Genetics influences microbiome
2019-09-24 16:26
by Kristin Neumann
  Last edited: 2019-09-25 11:16

Genetics influence Microbiome

The genetic predisposition has a strong influence on the composition of our microbiome.
The genetic predisposition has a strong influence on the composition of our microbiome. Picture: © Siarhei - adobe.stock.com

The Microbiome is currently a very big topic and more and more connections between the microbes that colonize us and our well-being are being discovered. When we talk about the microbiome, we usually forget that the microbiome is only part of a very complex interplay. The composition of our microbiome is influenced by nutrition, lifestyle, early maternal transmission, immune status and genetics of each individual.

We are already very happy that the awareness to the microbes that live with us has found its way into research and slowly into general consciousness. Long enough we have maltreated these important fellow occupants with medication and hygiene.

However, it often seems that the microbiome alone is responsible for everything and that it can be manipulated at will in our favor.

A recent >>> study shows that it is not so easy after all. According to this study, genetics in connection with our microbiome plays a greater role than assumed and also has an influence on which microbes settle on us. In this study, the research group investigated the extent to which environmental circumstances influence the development of the microbiome in newborn mice. This includes vaginal inoculation with bacteria by the mother during birth.

Experiments with mice show no differences

In the experiments genetically different mice were crossed to generate genetically identical offspring. The microbes of the genetically different parents differed by about 20%, those of the offspring with identical genes differed by only 3%. One female and one male mouse of two different genetic origins were crossed with the other genetic part (illustrative: ♀A♂B and ♀B♂A -pairs). Thus, two groups of offspring emerged, which were genetically identical to each other, but had different mothers. Although the offspring were only kept together with the mother, their microbiome did not adapt to that of the mother.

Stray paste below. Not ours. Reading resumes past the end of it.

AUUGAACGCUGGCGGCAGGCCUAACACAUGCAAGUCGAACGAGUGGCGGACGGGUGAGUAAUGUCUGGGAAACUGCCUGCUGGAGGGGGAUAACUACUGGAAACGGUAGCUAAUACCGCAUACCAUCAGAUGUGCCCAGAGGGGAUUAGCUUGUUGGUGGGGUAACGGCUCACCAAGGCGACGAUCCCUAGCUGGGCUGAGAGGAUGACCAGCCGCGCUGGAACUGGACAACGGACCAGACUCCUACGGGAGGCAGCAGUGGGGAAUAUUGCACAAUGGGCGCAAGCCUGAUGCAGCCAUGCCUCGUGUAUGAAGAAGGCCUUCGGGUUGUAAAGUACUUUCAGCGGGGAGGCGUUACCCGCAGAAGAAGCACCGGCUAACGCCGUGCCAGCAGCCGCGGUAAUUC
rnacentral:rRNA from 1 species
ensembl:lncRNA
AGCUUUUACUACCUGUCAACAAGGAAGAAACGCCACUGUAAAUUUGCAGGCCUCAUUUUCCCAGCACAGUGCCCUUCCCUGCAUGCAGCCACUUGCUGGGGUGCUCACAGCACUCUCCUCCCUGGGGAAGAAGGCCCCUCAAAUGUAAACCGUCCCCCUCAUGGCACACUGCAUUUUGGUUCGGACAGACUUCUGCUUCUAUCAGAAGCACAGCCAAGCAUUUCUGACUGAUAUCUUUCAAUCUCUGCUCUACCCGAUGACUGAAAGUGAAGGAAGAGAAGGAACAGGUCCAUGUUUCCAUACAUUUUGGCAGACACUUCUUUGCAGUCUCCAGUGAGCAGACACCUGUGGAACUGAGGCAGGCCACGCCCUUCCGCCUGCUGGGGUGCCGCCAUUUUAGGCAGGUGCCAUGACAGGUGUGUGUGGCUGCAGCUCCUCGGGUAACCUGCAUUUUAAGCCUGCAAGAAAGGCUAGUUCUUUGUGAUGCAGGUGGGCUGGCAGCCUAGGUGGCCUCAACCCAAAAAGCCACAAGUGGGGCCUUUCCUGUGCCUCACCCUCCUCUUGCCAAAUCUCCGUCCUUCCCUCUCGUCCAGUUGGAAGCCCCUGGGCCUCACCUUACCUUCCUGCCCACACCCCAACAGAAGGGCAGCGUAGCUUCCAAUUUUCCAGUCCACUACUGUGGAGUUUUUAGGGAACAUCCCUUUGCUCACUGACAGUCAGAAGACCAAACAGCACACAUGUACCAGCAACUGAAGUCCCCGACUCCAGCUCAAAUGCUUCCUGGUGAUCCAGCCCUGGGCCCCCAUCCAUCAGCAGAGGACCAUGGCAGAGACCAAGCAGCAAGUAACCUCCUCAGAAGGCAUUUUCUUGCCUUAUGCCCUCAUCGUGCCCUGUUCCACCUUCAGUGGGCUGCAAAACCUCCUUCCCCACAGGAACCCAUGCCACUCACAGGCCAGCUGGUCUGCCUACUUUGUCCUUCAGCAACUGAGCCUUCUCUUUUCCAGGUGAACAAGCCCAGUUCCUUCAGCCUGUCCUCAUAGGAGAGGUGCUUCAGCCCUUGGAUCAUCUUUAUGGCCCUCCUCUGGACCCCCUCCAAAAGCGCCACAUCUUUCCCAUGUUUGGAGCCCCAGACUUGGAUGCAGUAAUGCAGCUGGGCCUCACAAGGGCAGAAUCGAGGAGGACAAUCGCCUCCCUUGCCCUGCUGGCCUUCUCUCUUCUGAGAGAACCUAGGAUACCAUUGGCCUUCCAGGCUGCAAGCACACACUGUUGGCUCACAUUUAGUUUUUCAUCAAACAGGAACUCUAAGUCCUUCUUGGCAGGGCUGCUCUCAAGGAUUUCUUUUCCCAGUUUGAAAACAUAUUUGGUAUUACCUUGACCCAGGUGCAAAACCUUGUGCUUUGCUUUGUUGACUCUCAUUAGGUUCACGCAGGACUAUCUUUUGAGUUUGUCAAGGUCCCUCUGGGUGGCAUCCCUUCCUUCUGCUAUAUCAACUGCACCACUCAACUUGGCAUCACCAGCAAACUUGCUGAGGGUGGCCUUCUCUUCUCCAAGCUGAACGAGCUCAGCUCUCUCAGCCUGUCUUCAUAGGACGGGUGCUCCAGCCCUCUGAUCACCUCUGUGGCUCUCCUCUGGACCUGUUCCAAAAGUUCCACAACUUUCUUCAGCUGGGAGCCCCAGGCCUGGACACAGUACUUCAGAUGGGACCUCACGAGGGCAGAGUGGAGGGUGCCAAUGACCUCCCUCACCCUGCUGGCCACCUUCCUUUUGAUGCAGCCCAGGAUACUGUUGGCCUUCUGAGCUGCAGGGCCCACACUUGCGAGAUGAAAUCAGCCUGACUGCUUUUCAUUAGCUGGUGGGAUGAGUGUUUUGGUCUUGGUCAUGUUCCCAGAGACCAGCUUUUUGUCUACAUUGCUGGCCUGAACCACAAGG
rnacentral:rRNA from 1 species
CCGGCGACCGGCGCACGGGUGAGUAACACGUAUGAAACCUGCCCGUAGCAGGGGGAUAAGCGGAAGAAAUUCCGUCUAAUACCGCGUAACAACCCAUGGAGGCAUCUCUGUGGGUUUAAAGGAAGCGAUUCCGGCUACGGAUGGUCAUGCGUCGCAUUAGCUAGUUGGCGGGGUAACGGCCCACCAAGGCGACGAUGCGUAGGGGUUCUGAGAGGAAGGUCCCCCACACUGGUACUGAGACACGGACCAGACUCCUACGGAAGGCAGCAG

It has to be said, however, that the data only refer to a small part of the bacterial composition of the respective microbiome, since all microbiomes were very similar to each other. In addition, despite the high microbial similarity of the offspring to each other, a small but negligible influence of the respective mother was seen. A larger study might show a more significant influence of the mother.

It's all in the station wagon

However, the conclusion of this study is that the genetic predisposition has a strong influence on the composition of our microbiome. The structure of the intestinal mucosa, different metabolisms (e.g. bile acid secretion), antimicrobial peptides or the tolerance of the immune system can control the microbial colonization of our body.

No permanent change of the microbiome possible?

These findings are not new, but are strengthened by this study. This explains why a microbiome cannot simply be permanently changed. Although it always adapts to the circumstances to a certain extent, it quickly returns to its original state as soon as the influences change again. Probiotics only have an effect as long as the probiotics are taken. A change in diet can change the balance of the microbiota, but it only remains in this state as long as the change in diet persists.

So it is, at least partially, in our hands which bacteria we give the upper hand to. However, the basis of our microbial colonization lies in our genes.

Kristin Neumann, Autor
Kristin Neumann, PhD
Autor

Hello, I am a microbiologist by profession. I studied (molecular) biology because I was always curious about how life functions...

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